I am so grateful for Melissa, her music, her message, and how she has influenced my life.
I even wrote a song for her, called “Melissa Said,” as a way to show my gratitude. (It’s on The Great Something album.)
I’ve often said that a secret to success is to have someone believe in you almost more than you believe in yourself.
(That’s just one reason I created Miracles Coaching, so you can have someone believe in you, too.)
At this point in my life, I have numerous supporters.
But I’ve had a lot of them along the way, too.
Melissa Etheridge is one of them.
She’s been a coach, a mentor, and an inspiration.
Thank you, Melissa.
I love you, too.
PS – * Here are links to my previous four posts about my private songwriting lesson with Melissa Etheridge:
Bonus: Here’s Melissa Etheridge burning up the guitar as she tells you “Hold on, I’m coming!”
When I was on stage in Madrid, Spain a few weeks ago, someone asked –
“What if you are flat broke, have nothing, are totally alone, and feel desperate?”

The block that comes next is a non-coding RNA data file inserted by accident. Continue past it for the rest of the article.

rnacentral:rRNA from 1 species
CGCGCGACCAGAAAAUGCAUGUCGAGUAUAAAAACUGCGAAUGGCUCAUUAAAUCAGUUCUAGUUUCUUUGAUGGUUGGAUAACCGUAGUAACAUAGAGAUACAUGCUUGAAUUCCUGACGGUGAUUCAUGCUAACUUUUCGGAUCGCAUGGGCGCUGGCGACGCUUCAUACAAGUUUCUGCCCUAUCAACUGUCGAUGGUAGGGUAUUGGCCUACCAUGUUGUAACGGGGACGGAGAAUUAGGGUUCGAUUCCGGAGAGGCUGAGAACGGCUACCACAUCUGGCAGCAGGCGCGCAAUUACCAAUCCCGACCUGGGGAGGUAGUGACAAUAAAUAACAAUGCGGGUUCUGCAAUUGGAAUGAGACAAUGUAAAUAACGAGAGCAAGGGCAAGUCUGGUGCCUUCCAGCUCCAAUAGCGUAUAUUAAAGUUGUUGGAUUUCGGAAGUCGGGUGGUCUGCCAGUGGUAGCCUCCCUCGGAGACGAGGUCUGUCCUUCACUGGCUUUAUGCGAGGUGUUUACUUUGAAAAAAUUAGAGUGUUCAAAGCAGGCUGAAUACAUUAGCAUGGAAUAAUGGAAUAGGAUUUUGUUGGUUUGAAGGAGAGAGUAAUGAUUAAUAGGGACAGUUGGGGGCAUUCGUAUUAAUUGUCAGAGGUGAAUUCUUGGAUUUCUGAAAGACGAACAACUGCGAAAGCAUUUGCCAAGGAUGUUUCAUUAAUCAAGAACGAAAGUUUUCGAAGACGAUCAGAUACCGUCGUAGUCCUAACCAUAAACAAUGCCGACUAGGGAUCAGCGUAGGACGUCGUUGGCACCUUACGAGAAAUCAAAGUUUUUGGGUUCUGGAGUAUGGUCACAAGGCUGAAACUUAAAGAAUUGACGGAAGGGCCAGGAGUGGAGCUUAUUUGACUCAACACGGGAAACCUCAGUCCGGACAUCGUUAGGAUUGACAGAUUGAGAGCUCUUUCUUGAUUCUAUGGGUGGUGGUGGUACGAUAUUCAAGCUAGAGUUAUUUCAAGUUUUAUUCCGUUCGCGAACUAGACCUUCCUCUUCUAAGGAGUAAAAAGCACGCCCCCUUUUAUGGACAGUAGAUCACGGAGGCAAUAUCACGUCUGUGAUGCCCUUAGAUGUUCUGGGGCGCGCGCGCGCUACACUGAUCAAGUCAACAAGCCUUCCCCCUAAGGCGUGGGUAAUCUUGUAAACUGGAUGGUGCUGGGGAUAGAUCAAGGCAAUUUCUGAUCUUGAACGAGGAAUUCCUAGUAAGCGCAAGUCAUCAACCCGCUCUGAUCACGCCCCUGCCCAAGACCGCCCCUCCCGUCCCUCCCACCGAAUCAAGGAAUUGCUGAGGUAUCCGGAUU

It’s a question I’ve heard many times.
I could relate to it because at one time I felt the same way.
I was broke, unhappy, desperate, and in poverty for more than a decade.
But I obviously left that in the dust.
So what’s the answer?
How would you answer the question?
How do you turn your life around?
“No one starts with nothing,” I replied.
I went on to explain –
“You have the gift of life, you have the gift of a body that is regulating itself to keep you alive, you have the gift of air and all the elements that are keeping you here right now. And you’re probably living better than kings and queens of centuries ago. They didn’t have air conditioning, indoor plumbing, a microwave, a cell phone, or much else. You are so much more better off. In fact, everyone starts with a miracle.”